By Ed Miseta, Chief Editor, Clinical Leader
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The concept of extrapolation has been in existence for years at the FDA and has been used for multiple indications. But Lynn Kramer, MD, Chief Clinical Officer and Chief Medical Officer of the Neurology Business Group at Eisai, is excited about the current use of extrapolation in monotherapies. Kramer has worked on clinical trials for patients with partial onset seizures (POS). In 2017, one of the company’s antiepileptic drugs, FYCOMPA, was approved by the FDA as a monotherapy for the treatment of POS in epilepsy patients 12 years of age and older. This approval process was based on data extrapolation.
Kramer describes data extrapolation as the process of estimating future trends or effects based on previous observations, also known as historical controls. For example, if you know the placebo rate for “disease A” is five percent, you could skip the use of a placebo in a study and simply use the active drug. A high cure rate would then be the result of the study drug and not chance. According to Kramer, that existing information forms the basis for the case you are trying to make.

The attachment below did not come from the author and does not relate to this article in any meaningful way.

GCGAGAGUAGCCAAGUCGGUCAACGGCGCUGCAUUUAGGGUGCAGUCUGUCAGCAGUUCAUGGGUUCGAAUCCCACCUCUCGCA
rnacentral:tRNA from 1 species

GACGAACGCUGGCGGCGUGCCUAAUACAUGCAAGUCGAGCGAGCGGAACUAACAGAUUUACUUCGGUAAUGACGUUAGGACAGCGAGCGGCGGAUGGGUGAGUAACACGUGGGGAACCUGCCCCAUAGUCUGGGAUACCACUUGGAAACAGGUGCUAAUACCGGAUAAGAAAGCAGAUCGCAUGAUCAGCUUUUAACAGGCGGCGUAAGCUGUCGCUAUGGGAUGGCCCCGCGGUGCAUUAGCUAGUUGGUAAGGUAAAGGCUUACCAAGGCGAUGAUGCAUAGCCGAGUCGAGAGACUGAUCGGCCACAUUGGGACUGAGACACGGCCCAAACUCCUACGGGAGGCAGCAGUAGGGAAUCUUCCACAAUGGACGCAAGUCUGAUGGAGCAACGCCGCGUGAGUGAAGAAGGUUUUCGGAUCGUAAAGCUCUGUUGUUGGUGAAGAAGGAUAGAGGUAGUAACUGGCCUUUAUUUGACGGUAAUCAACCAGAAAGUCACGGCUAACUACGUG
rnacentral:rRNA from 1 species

Additionally, in some trials, the use of a placebo is simply not ethical. Patients diagnosed with epilepsy are prone to experiencing seizures. A patient using a placebo or a low-dose of a drug would put themselves at risk of potentially life-threatening seizures. “Nearly one-third of patients living with epilepsy have seizures that are still not controlled,” says Kramer. “Physicians have the ability to treat patients using monotherapy (a single drug). In some cases, monotherapy can actually be desirable, such as in women, the elderly, and other patients at risk of antiepileptic drug toxicity and drug interactions.”